Why Moving Past Fear is Essential for Asking Questions in the Workplace

This is the second installment of a 2-part series. Read Part I, “Ask Me Anything.”

What are you afraid of? In my last post, I described Pliancy’s open-access culture, the dangers of gatekeeping and information hoarding, and how openness can lead to skill-sharing and growth. That’s all well and good, but no matter how welcoming the environment, we can still be hamstrung by our own fears and uncertainties.

Fear (of asking questions, of embarrassment, of failure, or whatever else) can prevent us from asking important questions that need to be asked, which in turn prevents us from learning the information and skills we need to grow. If I can share one radical thought, it’s that we don’t need to conquer fear. We don’t need to beat it up and take its lunch money; we just need to move past it. Fear isn’t a brick wall. It’s a curtain.

So how do we push aside the Fear-Curtain™? I wish I could give you a definite, never-fail, money-back-guarantee answer… but we have different fears and different brains. What I can do is share what has helped me push my Fear-Curtain aside: letting myself be bad at things, reframing fear as opportunity, and accepting that embarrassment is only temporary.

Let Yourself Be Bad

Some of the best advice I’ve ever received was from a yellow stretch dog in a cartoon. “Dude,” he said, “sucking at something is the first step towards being sorta good at something.” I promise I don’t get all my sage wisdom from animated characters (just most of it), but this simple sentence has stuck with me. We’re going to try a lot of things in our short lives. We’ll probably be terrible at 80% of them, and there’s no shame in that.

We’re conditioned to believe that we fail more than others. In reality, that’s only because we witness every time we stumble. Behind closed doors, in other spaces, at all hours of the day, everyone experiences failure. Literally everyone. Even Beyonce. Let that really sink in.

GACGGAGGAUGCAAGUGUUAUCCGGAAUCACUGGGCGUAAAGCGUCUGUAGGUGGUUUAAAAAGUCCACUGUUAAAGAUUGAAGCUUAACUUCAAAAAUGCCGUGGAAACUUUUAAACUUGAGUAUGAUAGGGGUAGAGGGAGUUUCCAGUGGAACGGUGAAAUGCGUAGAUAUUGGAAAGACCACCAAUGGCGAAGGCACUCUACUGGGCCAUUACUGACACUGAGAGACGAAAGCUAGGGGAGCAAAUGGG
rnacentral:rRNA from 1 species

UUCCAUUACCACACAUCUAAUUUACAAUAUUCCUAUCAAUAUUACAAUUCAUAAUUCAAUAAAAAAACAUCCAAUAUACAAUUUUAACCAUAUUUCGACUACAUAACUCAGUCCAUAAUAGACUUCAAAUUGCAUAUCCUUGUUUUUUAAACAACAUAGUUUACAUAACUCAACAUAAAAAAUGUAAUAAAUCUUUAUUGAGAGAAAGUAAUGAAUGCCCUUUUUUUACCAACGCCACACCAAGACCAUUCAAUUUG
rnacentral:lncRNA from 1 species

The key is to let yourself be bad at the beginning. Keep at it, and you’ll get a little better. Ask questions to learn what you don’t know, and you’ll get better still. Before you know it, effort and knowledge quickly transform into skill.

Don’t forget about the 20% of new things you aren’t terrible at, either. Everyone has innate talents, including you, and natural ability and continued effort are a powerful match.

I’ve had a knack for technology my entire life, and I’m one of the lucky people who gets to make a living doing something I’m good at and something I like. But it doesn’t mean I took my aptitude and coasted on it. I’ve built upon it with each job, each certification, and each technological head-scratcher I encounter.

Trying (and trying again) is an important mindset whether you’re pursuing a professional passion or experimenting with a new hobby. No matter your baseline, the potential for growth is always there.

Reframing Fear as Opportunity

The next shift was changing my perspective to see opportunity where I once saw peril.

First, we should acknowledge that society has assigned a negative value to being unskilled at something. It can sometimes feel like failing at a new skill is a moral failure, e.g. “I am bad at juggling, therefore I myself am bad.”

I’ll let you in on a secret: that’s not true. Having a skill is not positive or negative. Trying and failing to juggle doesn’t make you a bad person. Unfortunately, knowing how to juggle does not make you a good person, either. (I think you’re rad either way.)

What is a “Good” Question?
We shouldn’t assign value to specific types of questions, either. A simple question is no better or worse than an open-ended question. The right question, asked in the right context, could be more impactful than another—but change the environment, the audience, even the intonation, and it’s a whole new ball game.

Once I let go of the idea that failure is “bad,” I could focus on what I have to gain. Every time I start something new, I’m full of questions. “How do I…” “What’s the best way to…” “Is this right?” Every piece of knowledge I add to my collection helps me grow, and as a lifelong learner, it’s easy for my fear to become eclipsed by excitement.

I’ve Got No Strings to Hold Me Down
This mindset helped me get to Pliancy because the excitement of this role outweighed any anxiety I had that I might not be talented enough to be here. But here I am, a lean, mean, problem-solving machine, and I’m thriving. That same excitement-over-fear approach makes me perfectly suited for a job where I get to learn how to untangle new knots every day.

Trading the fear of embarrassment for the excitement of opportunity has enriched my personal life in unexpected ways, too. I’m a 36-year-old who plays on a kickball team and loves it, and if that doesn’t scream “I’m not embarrassed by what you think,” then I don’t know what does.